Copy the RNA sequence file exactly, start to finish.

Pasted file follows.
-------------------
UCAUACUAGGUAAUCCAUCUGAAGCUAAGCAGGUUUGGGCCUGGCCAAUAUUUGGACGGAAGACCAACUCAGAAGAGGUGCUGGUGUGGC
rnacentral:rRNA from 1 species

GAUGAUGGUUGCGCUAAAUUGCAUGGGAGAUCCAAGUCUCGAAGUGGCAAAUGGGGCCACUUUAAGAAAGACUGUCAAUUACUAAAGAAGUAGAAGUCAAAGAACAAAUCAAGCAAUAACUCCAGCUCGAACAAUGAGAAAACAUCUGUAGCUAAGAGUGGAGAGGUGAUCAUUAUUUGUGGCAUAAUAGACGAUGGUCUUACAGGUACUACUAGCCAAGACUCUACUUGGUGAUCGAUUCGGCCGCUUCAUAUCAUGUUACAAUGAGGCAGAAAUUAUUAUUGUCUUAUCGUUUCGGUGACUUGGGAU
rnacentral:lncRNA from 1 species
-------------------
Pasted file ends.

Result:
UCAUACUAGGUAAUCCAUCUGAAGCUAAGCAGGUUUGGGCCUGGCCAAUAUUUGGACGGAAGACCAACUCAGAAGAGGUGCUGGUGUGGC
rnacentral:rRNA from 1 species

GAUGAUGGUUGCGCUAAAUUGCAUGGGAGAUCCAAGUCUCGAAGUGGCAAAUGGGGCCACUUUAAGAAAGACUGUCAAUUACUAAAGAAGUAGAAGUCAAAGAACAAAUCAAGCAAUAACUCCAGCUCGAACAAUGAGAAAACAUCUGUAGCUAAGAGUGGAGAGGUGAUCAUUAUUUGUGGCAUAAUAGACGAUGGUCUUACAGGUACUACUAGCCAAGACUCUACUUGGUGAUCGAUUCGGCCGCUUCAUAUCAUGUUACAAUGAGGCAGAAAUUAUUAUUGUCUUAUCGUUUCGGUGACUUGGGAU
rnacentral:lncRNA from 1 species